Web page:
2014 | Business

Business Notes: Carr Building Signs Tenant; Office Space Rebound?

Plus: New zoning code goes into effect this week

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The Carr Properties office building at 4500 East West Highway (pictured here on Oct. 14) reportedly signed its first tenant this week.

Andrew Metcalf

Carr Building Signs First Tenant – The glass-box office building freshly completed at 4500 East West Highway in Bethesda has signed its first tenant, according to the Washington Business Journal. Carr Properties, the developer, has signed the small-business loan company Rapid Advance to a full-floor lease in the building. The business is expected to occupy 28,000 square feet of the 220,400-square-foot building, according to the report.

The news is likely to reverberate around the downtown Bethesda development world, which has been watching the building for signs that the stagnant local office space market is rebounding. Former planning board chairman Francoise Carrier said in April the county has “gazillions of square feet of empty office buildings” after Saul Centers reduced office space in its White Flint development plans due to concerns about the lagging market. At the time she was concerned that, due to all the empty office space, White Flint developers would not build any more, which could lead to a lack of jobs in the area.

“We don’t get live, work and play if we don’t get the work part,” Carrier said at the time.

Greg Rooney, vice president of The Bernstein Companies, which is planning to develop an office building and hotel at 7750 Wisconsin Ave., said in June he was observing the leasing of the Carr building for signs that the office-space market is rebounding.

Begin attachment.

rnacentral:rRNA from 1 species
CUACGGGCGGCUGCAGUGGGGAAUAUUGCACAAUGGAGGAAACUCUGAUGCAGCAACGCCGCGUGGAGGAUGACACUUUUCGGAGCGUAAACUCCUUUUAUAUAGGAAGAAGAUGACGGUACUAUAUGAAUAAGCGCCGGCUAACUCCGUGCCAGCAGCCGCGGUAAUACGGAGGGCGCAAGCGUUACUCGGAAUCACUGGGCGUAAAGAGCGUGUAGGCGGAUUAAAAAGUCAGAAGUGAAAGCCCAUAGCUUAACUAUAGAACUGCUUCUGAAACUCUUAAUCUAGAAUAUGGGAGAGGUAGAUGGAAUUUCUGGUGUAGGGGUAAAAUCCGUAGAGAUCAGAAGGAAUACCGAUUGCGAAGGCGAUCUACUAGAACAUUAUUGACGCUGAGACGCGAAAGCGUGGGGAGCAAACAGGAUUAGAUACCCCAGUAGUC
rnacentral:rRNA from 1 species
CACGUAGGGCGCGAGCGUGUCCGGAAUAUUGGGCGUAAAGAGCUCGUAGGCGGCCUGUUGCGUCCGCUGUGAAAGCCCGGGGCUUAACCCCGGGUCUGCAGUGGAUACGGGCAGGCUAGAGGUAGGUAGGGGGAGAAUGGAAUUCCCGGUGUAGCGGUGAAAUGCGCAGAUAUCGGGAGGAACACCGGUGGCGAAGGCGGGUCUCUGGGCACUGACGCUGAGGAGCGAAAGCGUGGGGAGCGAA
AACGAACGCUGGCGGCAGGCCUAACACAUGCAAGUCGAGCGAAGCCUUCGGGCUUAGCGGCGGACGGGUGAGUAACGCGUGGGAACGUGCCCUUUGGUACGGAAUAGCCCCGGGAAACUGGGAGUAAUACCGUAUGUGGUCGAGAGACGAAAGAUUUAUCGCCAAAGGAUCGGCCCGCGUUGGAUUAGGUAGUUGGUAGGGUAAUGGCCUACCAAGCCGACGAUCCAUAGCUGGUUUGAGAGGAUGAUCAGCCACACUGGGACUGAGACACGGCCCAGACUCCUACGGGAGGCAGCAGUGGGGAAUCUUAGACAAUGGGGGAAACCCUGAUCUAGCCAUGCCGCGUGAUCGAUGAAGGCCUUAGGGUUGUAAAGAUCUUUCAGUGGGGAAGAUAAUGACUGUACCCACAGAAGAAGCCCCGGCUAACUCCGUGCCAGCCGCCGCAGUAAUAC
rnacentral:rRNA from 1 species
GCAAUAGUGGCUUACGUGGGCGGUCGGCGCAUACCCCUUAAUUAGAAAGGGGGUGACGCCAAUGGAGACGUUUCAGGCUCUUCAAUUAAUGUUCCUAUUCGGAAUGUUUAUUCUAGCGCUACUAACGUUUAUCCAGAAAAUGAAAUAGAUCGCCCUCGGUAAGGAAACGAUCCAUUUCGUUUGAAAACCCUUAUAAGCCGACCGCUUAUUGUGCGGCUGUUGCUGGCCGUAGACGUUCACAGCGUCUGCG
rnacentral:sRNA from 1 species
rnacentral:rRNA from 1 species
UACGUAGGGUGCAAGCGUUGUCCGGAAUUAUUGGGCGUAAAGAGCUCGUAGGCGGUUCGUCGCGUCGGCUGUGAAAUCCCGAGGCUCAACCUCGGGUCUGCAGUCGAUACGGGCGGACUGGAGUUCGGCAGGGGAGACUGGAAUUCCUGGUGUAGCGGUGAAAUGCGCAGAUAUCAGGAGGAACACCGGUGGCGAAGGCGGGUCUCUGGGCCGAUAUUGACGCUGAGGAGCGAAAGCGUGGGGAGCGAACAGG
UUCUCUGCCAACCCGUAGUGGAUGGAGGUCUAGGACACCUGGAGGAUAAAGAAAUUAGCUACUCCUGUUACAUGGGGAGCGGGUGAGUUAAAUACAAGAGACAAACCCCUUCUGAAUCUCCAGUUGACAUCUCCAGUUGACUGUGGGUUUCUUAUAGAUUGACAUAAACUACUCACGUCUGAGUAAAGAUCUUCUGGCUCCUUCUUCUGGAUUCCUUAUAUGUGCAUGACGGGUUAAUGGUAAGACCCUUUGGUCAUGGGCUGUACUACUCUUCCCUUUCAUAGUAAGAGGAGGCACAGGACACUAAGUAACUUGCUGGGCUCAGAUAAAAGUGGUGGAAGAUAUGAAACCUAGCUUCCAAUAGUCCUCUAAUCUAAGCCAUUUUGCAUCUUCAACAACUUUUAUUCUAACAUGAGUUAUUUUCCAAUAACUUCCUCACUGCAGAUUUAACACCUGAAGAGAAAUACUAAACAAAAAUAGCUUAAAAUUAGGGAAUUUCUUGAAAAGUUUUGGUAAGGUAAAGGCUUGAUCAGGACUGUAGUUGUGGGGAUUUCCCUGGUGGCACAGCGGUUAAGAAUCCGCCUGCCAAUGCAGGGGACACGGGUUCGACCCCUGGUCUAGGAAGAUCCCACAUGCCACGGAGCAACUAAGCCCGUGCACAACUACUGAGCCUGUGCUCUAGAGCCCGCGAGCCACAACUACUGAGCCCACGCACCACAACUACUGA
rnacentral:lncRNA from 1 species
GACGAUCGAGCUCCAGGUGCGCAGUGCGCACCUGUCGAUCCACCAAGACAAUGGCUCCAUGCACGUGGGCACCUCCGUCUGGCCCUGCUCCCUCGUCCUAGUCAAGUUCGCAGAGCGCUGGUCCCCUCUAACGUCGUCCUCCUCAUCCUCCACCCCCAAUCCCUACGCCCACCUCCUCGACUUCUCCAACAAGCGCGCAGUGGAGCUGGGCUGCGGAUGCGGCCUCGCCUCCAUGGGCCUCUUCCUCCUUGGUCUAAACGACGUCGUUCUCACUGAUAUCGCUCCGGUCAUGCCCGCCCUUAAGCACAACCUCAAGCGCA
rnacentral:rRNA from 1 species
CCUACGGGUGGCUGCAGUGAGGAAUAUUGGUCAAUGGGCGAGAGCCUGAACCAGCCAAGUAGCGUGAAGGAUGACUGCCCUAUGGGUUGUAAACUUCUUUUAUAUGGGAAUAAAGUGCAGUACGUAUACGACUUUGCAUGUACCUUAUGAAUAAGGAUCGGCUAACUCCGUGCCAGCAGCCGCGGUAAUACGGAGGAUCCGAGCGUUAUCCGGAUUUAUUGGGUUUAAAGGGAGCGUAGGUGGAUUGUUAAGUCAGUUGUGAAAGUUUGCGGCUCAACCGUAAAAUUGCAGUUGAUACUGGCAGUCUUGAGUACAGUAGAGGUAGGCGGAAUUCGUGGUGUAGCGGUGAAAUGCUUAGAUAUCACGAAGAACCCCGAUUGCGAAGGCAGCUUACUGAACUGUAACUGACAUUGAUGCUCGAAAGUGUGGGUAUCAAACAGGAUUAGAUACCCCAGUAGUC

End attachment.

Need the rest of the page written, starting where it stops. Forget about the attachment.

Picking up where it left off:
“We’re at the down part of the office market,” Rooney said during a Greater Bethesda-Chevy Chase Chamber of Commerce event in June. “We’re looking at a lift coming any time now.”

Downtown building swaps plan from office space to residential – Perhaps eyeing the struggling office market, Donohoe Development Co. is changing its plans for 8280 Wisconsin Ave. and is now proposing to build  a 200-foot tall residential building instead of a 91,600-square-foot, six-story office building. The change was first spotted by local news blog Bethesda Now and is noted in the Montgomery County planning department’s new interactive map of properties being discussed for downtown Bethesda.

Donohoe’s website for the property still lists the site, which is currently occupied by  a Sunoco gas station, as being developed for Class A office space.


Left: The original office building design. Right: The new residential tower being planned by Donohoe.

New zoning code goes into effect Thursday – Montgomery County’s 37-year-old zoning code is literally going to be buried. Three county council members will join planning board chair Casey Anderson on Thursday morning to bury a copy of the old zoning code near the Park and Planning Headquarters in Silver Spring while at the same time the new code, approved earlier this year, will go into effect. The new 368-page zoning code can be viewed here. According to the county, it includes broader land use categories and rules that “promote smart growth principles with more density allowed in and around transit.” The new rules also allow more mixed-use developments, according to the county.

The rewrite was a five-year process that greatly reduced the 1,200-page code  and includes online tools to display zoning. The lone dissenting vote against passing the zoning rewrite came from Councilmember Marc Elrich who warned that the new code would allow neighborhood strip malls to grow unacceptably dense and developers to build bigger and taller buildings without providing adequate new amenities to the county, according to The Washington Post’s account of the code’s passage.